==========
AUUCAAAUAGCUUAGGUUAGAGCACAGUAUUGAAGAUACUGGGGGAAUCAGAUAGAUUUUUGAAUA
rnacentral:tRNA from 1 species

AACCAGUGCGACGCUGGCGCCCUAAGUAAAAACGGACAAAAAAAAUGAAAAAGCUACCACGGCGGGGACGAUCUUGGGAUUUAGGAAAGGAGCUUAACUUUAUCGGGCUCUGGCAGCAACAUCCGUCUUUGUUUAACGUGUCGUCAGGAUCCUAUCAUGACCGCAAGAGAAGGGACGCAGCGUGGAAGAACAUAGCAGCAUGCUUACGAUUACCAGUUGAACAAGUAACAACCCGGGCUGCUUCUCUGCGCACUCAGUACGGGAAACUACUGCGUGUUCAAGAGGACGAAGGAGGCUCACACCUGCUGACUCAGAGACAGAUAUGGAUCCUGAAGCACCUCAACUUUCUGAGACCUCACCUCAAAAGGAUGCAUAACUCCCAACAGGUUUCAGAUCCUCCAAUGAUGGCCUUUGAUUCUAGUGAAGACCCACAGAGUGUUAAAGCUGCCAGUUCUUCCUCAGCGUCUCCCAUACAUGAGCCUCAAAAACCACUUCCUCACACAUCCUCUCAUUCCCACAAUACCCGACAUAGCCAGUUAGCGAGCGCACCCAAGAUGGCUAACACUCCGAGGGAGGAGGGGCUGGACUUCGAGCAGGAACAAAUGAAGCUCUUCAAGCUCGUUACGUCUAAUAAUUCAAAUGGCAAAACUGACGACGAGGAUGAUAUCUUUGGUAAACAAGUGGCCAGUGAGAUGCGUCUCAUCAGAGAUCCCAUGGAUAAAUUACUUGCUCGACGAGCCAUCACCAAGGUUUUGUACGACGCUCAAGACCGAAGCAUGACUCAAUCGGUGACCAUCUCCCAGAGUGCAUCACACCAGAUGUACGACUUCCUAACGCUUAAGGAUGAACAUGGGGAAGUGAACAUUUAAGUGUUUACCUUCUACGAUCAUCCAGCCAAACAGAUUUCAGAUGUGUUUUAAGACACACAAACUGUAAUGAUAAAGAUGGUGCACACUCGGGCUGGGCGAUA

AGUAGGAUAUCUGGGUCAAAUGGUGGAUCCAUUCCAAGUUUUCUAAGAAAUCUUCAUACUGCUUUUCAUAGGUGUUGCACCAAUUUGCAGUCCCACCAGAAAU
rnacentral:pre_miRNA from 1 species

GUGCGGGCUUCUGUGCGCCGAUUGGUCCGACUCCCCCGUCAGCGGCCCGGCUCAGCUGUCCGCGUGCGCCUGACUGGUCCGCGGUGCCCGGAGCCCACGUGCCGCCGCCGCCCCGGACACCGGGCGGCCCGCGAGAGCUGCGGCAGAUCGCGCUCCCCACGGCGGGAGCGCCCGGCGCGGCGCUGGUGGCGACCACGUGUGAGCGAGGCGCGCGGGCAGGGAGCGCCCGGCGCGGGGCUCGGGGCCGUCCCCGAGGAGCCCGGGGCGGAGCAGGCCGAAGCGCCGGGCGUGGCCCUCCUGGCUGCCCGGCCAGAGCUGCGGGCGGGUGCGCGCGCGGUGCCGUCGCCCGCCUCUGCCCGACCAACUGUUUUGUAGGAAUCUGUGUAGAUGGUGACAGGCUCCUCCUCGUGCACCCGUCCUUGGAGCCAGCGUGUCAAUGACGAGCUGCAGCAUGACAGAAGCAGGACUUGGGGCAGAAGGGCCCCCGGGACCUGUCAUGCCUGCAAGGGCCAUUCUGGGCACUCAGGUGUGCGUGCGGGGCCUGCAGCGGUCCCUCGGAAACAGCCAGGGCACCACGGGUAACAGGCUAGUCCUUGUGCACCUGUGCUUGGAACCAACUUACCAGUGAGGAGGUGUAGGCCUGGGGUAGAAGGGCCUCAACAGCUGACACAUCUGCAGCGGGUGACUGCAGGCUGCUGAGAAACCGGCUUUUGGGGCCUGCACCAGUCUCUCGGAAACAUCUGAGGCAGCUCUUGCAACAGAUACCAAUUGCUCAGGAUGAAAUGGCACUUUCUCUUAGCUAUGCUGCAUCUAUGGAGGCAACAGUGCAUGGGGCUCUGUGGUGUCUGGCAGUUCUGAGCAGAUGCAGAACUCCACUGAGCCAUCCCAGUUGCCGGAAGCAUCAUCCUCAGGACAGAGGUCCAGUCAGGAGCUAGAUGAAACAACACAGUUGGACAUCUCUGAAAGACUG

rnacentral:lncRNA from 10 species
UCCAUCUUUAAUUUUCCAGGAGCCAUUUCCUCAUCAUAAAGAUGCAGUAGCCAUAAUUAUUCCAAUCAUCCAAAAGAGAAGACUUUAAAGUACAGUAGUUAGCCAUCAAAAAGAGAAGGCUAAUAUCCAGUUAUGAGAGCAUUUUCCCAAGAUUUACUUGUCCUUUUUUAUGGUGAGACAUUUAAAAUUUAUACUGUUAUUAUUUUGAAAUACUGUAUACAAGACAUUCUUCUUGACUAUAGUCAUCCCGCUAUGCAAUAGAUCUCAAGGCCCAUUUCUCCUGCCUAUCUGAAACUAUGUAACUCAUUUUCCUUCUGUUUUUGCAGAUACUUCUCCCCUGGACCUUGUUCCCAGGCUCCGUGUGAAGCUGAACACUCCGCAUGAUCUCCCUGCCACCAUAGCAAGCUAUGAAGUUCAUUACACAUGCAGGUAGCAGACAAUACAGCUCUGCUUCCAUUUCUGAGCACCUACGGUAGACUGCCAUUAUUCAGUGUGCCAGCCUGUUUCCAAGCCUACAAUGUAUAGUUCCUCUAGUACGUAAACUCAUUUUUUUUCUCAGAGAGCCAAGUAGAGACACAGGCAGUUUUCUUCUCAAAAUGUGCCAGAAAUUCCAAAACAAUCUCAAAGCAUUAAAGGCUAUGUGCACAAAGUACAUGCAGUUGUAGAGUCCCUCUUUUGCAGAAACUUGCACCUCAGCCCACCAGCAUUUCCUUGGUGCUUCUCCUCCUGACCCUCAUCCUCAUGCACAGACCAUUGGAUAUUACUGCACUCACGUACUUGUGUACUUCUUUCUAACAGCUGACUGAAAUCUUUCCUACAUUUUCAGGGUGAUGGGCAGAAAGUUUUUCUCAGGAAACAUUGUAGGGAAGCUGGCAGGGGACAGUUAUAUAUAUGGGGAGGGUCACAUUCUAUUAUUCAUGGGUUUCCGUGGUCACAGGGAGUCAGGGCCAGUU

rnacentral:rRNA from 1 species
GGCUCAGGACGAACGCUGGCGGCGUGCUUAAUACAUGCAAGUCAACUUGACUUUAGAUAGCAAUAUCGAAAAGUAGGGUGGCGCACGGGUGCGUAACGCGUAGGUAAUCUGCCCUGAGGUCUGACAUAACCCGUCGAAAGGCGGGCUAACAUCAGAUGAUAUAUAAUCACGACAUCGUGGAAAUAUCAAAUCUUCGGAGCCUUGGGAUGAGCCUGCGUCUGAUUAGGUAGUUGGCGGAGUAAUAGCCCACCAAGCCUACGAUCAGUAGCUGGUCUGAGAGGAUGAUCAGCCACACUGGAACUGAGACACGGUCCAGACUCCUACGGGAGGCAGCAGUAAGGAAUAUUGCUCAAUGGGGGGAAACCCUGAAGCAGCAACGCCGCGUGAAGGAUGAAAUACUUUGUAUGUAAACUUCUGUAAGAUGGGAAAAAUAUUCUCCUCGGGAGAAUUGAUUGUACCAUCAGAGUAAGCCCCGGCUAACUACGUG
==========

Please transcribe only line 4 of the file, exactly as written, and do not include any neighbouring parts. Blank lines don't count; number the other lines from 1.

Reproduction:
AGUAGGAUAUCUGGGUCAAAUGGUGGAUCCAUUCCAAGUUUUCUAAGAAAUCUUCAUACUGCUUUUCAUAGGUGUUGCACCAAUUUGCAGUCCCACCAGAAAU